A recently published study found adherence to a healthy dietary pattern was associated with a lower incidence of both chronic kidney disease and albuminuria.
“Dietary modification is considered one of the key modifiable risk factors for the progression of CKD,” Katrina E. Bach, of Bond University in Australia, and colleagues wrote. “Dietary patterns are defined as the consumption of foods that reflect habitual dietary intake [and] can be classified as ‘healthy’ or ‘unhealthy’... Observational evidence supports the association between healthy dietary patterns and the primary prevention of major health conditions, including type 2 diabetes, cardiovascular disease, hypertension and metabolic syndrome; however, it is unclear whether a healthy dietary pattern may prevent CKD.”
To determine the association between dietary pattern and CKD, researchers conducted a systematic review and meta-analysis of 15 prospective cohort studies that included 630,108 adults without CKD at baseline (average eGFR, 87.2 mL/min/1.73m2). Dietary pattern was the primary exposure of the study and was defined as healthy (consisting of higher intake of vegetables, fruit, legumes, whole grains, fish and low-fat dairy) or unhealthy (also known as the “Western” dietary pattern, which included higher intakes of red and processed meats, sodium and sugar-sweetened beverages). Subgroup analyses were conducted considering the specific type of healthy dietary pattern (eg, Mediterranean or Dietary Approaches to Stop Hypertension). Patients were followed for a mean of 10.4 years.
Researchers found a healthy dietary pattern was associated with a 30% lower odds of CKD (odds ratio = 0.70), as well as a 23% lower odds of albuminuria (OR = 0.77). No significant association between healthy dietary patterns and eGFR decline was observed. It was also noted that, due to the high heterogeneity across the studies, which type of “healthy” dietary pattern may be most beneficial remains undecided.
Despite this area of uncertainty, researchers concluded: “Previous findings of a meta-analysis have supported the role of healthy dietary patterns in the prevention of CKD progression. Our results add to this evidence base and suggest that following healthy dietary patterns may play a protective role in the primary prevention of CKD.”
In a related editorial, Emily A. Hu and Casey M. Rebholz, PhD, both of Johns Hopkins Bloomberg School of Public Health, suggested further research be done to determine if the associations between dietary patterns and incident CKD vary between racial/ethnic groups. They also contended that beverages should be considered, as many dietary scores do not assess these drinks.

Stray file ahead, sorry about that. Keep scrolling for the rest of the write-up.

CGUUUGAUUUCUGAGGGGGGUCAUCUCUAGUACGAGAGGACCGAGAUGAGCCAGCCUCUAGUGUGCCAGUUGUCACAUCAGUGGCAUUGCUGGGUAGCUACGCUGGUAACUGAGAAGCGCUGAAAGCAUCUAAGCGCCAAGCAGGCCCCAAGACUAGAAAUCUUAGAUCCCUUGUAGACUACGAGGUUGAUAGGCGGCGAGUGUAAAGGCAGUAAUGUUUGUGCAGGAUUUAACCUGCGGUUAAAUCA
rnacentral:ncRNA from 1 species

Still, they wrote the study has “many notable strengths,” and concluded that “the timing of a healthy dietary intervention may be critical, as diet modification may be more effective in preventing CKD in a healthy population than preventing ESKD among individuals already diagnosed with CKD.”
In a patient voice that also accompanied the study, Michael J. Lennon argued that more data related to children and adolescents are necessary.
“It is particularly challenging to accept that important findings like those in the meta-analysis are not inclusive of children because of the life-long effect CKD and other chronic illnesses have on children and adolescents diagnosed with the disease,” he wrote. “We grow up and many times experience more of the symptoms of our disease and are stratified into higher-risk categories for other diseases and comorbidities later in life ... Findings that a healthy diet pattern can prevent CKD in this patient population, with key considerations for dietary needs in growing children, would be welcomed information so that patients and their caregivers might be better informed and choose to establish healthy eating habits earlier for their children.” – by Melissa J. Webb
Disclosures: The authors report no relevant financial disclosures.